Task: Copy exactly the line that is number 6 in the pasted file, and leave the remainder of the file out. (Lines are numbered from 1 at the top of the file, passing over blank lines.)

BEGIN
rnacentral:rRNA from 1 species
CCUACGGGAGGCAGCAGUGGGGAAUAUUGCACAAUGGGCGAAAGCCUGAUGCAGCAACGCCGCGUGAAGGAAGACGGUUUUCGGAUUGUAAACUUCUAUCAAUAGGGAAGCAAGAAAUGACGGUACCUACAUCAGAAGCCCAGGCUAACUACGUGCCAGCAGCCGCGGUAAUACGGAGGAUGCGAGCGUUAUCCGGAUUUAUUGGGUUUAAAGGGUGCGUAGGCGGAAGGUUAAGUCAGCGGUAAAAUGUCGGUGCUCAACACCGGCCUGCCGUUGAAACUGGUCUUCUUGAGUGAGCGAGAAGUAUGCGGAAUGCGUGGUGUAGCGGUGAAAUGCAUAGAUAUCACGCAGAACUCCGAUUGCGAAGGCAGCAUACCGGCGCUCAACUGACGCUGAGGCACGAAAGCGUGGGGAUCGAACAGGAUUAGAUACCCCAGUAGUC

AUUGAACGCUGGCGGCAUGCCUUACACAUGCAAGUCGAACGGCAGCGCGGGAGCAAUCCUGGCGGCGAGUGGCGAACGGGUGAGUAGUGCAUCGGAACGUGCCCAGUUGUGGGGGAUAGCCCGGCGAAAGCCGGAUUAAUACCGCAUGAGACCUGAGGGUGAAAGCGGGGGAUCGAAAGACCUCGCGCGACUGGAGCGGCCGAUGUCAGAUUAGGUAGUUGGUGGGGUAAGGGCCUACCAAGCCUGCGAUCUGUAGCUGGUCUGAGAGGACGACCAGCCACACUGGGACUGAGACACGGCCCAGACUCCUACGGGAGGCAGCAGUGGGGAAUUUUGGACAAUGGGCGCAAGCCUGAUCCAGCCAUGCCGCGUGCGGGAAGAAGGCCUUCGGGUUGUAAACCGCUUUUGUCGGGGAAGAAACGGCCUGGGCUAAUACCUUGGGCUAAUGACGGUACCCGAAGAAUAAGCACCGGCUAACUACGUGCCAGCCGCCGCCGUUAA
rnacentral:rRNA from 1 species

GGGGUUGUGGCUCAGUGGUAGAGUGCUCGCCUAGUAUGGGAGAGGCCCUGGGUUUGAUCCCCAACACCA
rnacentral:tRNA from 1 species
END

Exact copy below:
rnacentral:tRNA from 1 species